The Fight for Flexible Work in America

Almost 8 years ago in search of a more flexible work opportunity I founded my company, Delegate Solutions. My son was on the way, I was commuting to Philly and dreading the thought of working a 9-5 with a child. So, I took my skills and translated them into something that would not only flexibly generate income, but meet my professional needs as well. While I recognize not everyone is so opportunistic, the desire for flexible, fulfilling work is universal across socioeconomic levels.

In her brilliant NYT article "A Toxic Work World" Anne-Marie Slaughter shares that our workplaces no longer fit the realities of our lives. She argues that this is not a narrative of a "women's problem" or a "family problem." Rather, it stems from a culture of overwork in America where only the most competitive workers putting in the longest hours can survive; thus deteriorating the infrastructure of our families and communities.

This is an opportunity for us as entrepreneurs to re-imagine and design a more flexible, happier workforce, which in turn creates the foundation for a strong, successful society. Our inherent spirit of problem-solving combined with our non-conformist attitudes provide a unique advantage to reinvent the workplace and establish new work cultures built on trust and accountability. Simply fighting for "increased virtual work" or "better employee benefits" is not enough. What we need to put our collective energy behind is creating a new type of work environment that exists to benefit everyone's success.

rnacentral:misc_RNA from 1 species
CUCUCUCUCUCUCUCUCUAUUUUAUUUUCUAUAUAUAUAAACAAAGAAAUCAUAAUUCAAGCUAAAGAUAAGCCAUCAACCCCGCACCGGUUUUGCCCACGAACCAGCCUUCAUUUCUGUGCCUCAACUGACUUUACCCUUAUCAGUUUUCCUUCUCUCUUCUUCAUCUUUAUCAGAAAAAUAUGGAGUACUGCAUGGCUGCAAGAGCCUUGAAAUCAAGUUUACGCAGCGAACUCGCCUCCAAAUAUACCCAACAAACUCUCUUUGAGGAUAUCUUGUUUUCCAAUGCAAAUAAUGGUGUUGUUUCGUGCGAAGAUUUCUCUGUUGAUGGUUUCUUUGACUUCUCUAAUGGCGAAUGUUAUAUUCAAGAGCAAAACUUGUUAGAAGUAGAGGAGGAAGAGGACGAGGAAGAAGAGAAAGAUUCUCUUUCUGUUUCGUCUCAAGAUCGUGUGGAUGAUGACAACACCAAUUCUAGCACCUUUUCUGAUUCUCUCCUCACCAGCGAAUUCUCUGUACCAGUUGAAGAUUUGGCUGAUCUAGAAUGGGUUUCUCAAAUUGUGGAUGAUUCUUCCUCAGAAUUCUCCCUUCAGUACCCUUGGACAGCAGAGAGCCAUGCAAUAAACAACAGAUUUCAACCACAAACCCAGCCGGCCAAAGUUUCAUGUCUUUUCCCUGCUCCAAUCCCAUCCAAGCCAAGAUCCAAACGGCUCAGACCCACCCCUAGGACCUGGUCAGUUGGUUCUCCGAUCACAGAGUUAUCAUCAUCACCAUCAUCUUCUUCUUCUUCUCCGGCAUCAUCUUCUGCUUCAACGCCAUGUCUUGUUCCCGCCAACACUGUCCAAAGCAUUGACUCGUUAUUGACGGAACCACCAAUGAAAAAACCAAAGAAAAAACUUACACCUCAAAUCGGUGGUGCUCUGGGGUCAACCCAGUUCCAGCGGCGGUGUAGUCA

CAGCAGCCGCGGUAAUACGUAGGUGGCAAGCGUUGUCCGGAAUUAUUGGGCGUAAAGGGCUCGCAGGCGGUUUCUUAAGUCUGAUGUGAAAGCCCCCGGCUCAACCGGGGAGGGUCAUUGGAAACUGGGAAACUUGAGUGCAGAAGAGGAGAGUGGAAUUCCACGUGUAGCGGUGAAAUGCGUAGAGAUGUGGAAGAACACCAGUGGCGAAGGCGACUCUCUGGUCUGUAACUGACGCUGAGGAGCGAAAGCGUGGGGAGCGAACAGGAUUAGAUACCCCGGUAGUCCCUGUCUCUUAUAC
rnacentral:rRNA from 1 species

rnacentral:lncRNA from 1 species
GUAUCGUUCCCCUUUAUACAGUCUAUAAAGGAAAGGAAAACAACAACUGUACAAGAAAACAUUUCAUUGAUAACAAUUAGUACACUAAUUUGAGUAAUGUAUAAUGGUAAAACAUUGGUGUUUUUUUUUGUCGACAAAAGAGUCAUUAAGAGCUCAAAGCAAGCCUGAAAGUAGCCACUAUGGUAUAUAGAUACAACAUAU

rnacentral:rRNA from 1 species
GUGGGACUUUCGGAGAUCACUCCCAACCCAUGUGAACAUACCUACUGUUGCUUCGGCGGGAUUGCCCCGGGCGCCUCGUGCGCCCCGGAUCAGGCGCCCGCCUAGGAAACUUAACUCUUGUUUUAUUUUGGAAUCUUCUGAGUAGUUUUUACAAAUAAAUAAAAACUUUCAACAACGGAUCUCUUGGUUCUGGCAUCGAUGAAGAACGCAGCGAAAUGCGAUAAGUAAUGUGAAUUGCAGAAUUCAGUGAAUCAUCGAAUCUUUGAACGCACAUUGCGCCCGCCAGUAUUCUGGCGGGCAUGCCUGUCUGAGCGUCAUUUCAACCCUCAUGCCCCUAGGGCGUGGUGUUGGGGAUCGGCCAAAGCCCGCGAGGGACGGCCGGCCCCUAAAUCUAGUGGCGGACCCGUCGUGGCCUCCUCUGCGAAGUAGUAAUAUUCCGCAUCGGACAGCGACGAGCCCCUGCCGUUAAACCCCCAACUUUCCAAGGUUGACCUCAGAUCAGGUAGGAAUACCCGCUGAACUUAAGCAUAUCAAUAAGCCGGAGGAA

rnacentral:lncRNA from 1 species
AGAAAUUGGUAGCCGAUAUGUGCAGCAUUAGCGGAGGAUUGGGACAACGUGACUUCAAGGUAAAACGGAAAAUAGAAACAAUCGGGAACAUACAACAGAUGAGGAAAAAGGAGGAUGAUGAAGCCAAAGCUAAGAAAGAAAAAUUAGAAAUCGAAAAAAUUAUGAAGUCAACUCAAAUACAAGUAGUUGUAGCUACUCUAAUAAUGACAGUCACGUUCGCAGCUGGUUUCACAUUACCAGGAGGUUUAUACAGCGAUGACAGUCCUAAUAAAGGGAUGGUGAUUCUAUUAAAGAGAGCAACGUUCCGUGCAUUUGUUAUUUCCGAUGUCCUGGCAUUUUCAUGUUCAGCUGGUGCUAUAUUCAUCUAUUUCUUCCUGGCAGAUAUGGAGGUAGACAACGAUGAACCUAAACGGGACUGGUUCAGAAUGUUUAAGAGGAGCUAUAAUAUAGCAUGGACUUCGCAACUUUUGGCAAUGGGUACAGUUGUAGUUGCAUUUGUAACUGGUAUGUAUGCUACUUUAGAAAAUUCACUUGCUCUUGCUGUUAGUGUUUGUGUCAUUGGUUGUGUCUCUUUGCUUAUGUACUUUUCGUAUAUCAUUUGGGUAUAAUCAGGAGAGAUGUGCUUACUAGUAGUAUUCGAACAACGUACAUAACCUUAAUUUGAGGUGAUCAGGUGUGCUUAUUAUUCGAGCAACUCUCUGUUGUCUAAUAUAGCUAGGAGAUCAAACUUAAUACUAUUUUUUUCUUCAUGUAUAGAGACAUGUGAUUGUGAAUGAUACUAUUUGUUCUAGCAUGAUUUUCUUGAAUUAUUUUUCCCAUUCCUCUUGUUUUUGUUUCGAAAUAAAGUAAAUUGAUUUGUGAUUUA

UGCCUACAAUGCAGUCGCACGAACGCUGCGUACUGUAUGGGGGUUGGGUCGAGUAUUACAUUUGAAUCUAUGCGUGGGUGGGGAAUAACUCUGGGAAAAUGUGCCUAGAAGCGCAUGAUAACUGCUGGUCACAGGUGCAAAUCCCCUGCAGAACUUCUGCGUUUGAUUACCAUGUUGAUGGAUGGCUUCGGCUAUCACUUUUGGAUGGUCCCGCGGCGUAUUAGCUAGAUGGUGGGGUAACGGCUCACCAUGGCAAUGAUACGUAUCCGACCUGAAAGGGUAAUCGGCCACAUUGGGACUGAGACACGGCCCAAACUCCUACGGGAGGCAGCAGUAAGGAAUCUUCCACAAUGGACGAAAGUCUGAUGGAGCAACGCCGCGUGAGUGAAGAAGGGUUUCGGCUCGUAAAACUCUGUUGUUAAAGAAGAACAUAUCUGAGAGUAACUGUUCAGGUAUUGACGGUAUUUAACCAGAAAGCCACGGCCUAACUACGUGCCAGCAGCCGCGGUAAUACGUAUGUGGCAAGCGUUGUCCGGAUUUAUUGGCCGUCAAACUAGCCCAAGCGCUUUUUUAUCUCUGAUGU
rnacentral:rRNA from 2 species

This first step in the fight for flexible work is likely the hardest because it requires a major shift in perspective by the traditional workplace in America. Both employers and employees will need to evolve their value mindset from that of time = worth to one of results = worth. This equates to a "Results-based Work Environment" that values effort and accomplishment above all else. Employees will need to be setup for success with clear expectations around work, in conjunction with outcome-based goal setting plans. Employers will need to find new and creative ways to track employee engagement and productivity as a component of their bottom line.

This shift changes perceptions on both sides and in order for it to work, it must address both sets of needs, carefully balancing flexibility with accountability. Efforts on this issue are well underway, but there's much left to do. is working to rally an audience of 1 million bring awareness and generate actionable ideas and leadership on this issue. On the Government side, Obama has been working since 2010 to increase flexible work environments in the US Government. The value is clear that work-life balance initiatives not only have a positive impact on corporate success, but contribute to the overall progress and happiness of our communities at large.

I believe that we as entrepreneurs can lead to reshape the culture of the traditional American workforce into one that values quality, flexibility, contribution and effectiveness. This can be done profitably and successfully, with work that complements our employees' lives in meaningful ways. There's endless ROI in cultivating a nation's workforce, and as employers we are called to action.

This blogger graduated from Goldman Sachs' 10,000 Small Businesses program. Goldman Sachs is a partner of the What Is Working: Small Businesses section.